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Ralph Liebing, RA, CSI, CDT
Senior Member
Username: rliebing

Post Number: 1404
Registered: 02-2003
Posted on Wednesday, June 12, 2013 - 10:53 am:   Edit PostDelete PostPrint Post

by Ralph Liebing, RA, CSI, CDT
Cincinnati, OH

Do waves that hit the shore and ebb back out to sea, ever become the next waves that come ashore? Or are the “old” waves spent and lost, being absorbed or mixed in to the making of “new waves” [or advising the new one how to form better]

Don’t old cars become part of the steel [what there is] in new cars [remember the loads of smashed cars in the interstates]. Or how about old glass being smashed out and returned to the caldron of new glass? Don’t we “re-cycle”? And I think there are still things known as “hand-me-downs?

Why do people read and even study history? Besides knowing about the past, are there lessons to be learned, pitfalls to avoid, and-- HEY! What the _____?-- things and methods to be re-used or to augment or make better what is down now. See granddaughters are still learning that 2+2=4.and what they find new we use [mentally, in variations]

So why not construction materials, methods, skills, techniques, systems, tools, equipment, etc? Sure we have different goods and nifty tools now, but bet'cha there is still wide use of “old” knowledge, skills, shortcuts, etc.—bet'cha!!

Way back we had some stuff called “linoleum” which was the whizz-bang sheet floor covering at the time [carpet existed from ancient times]. Paint was oil-based, stinky, and difficult to clean up. Caulking was putty which dried out, fell out and leaked, before the really sticky stuff of today. Now these and a zillion others evolved out of new technologies. But even behind them are fundamental concept, needs, measures, etc. for better and new products-- for better work and higher profits.

In this all is the wealth of basic construction knowledge, from references to the range of material that is a pre-requisite to a good product representative and certain to newly whelped design professionals. It is in this where our ability to design and detail in positive, conclusive, and sound construction lies. This is information that still exists and in large measure is still valid, important and necessary. Everything is not contained in “standard details” or in computer programs-- not every problem is solved in some magical fashion. Sometimes we simply need a human head, with substantial information who can resolve problems in ways that meet several parameters-- even though or in spite of the fact that some data, information, standards, are “old”.

Defiantly, in this instance [and forever!] old is NOT bad and OLD is old needed or the basis for new.
If for no other reason, the old teaches what not to do, and hence avoids unnecessary effort now. But in the main the vast majority of the old teaches methods, skills and procedures directly sable now, and opens the way to understanding new needs and solutions, or revised methods-- all of which enhances the users of that data, properly, and timely. Other old data is simply worked available and most useful as reference information.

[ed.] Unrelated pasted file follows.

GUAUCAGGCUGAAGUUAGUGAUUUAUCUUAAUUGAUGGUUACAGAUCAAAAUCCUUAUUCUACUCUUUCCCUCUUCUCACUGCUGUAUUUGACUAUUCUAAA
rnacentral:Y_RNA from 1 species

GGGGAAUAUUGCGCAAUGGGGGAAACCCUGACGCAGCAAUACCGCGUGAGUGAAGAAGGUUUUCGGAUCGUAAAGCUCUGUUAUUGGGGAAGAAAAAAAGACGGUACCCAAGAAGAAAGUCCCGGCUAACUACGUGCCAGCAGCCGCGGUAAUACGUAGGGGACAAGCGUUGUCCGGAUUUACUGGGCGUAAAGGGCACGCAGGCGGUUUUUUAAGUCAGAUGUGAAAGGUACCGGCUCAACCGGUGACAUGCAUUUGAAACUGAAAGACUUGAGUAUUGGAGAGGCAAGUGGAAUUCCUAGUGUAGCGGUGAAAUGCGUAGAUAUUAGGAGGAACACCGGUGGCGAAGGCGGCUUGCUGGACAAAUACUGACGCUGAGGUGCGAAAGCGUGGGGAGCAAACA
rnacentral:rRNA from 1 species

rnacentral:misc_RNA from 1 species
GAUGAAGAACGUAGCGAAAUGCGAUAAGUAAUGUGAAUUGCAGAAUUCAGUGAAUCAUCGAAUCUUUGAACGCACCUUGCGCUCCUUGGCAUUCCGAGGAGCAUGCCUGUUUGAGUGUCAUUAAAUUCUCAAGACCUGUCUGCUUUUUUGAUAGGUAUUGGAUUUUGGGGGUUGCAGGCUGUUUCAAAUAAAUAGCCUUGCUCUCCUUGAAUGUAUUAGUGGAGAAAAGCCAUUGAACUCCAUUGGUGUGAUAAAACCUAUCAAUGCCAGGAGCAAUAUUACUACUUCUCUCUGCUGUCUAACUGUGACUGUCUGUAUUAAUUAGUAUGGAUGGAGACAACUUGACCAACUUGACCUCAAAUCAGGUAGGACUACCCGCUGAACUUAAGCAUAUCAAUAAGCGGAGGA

SURE they meet-- when you’re so old you become senile and childish [as in young or “new”]!!!
And, too, seems good to throw out bath water, but baby and basin might be worth keeping!!!
djwyatt (Unregistered Guest)
Unregistered guest
Posted on Wednesday, June 12, 2013 - 01:43 pm:   Edit PostDelete PostPrint Post


I think you are saying is experience is valuable, especially in a profession that is getting younger every day.

After a five-year hiatus, I recently re-joined a firm where I had previously worked for nearly twenty years. The time off was good for both of us.

Chronologically, I define myself as advanced middle age, but to the 20-something interns and 30-something staffers I found upon my return, I am sure I must seem old.

But the young staffers do come to me almost daily for advice on how to get things done and get answers.

They are of a generation that aims for perfection in its work and the rewards that come with it. However, the expectation of perfection is a little daunting, even crippling, because it holds them back from letting their work bear public scrutiny.

They need affirmation and confidence that their work will survive that scrutiny without shame.

My advice to them is to build networks with people in the product world and the construction world who can tell them whether or not their designs are constructible. To this assertion, I am often rejoined with "How do I do that?"

Well, when I was coming up, I asked a lot of questions, because I didn't know anything and couldn't fake it very well. Picking up the phone, attending seminars, and hanging around afterwards to get to know the people who know something were good ways (still are) to build up knowledge. A few will do it. Many will not.

As for getting old, I hazard to say that you will know you are truly old when you stop talking about it. Same as becoming rich.

Ralph, just to test you, what has four wheels and flies?
Ralph Liebing, RA, CSI, CDT
Senior Member
Username: rliebing

Post Number: 1405
Registered: 02-2003
Posted on Thursday, June 13, 2013 - 08:13 am:   Edit PostDelete PostPrint Post

David, just to verify that I am old, the answwer to your question is a manure wagon!

"Cageyness is usually achieved in direct proportion to age"!

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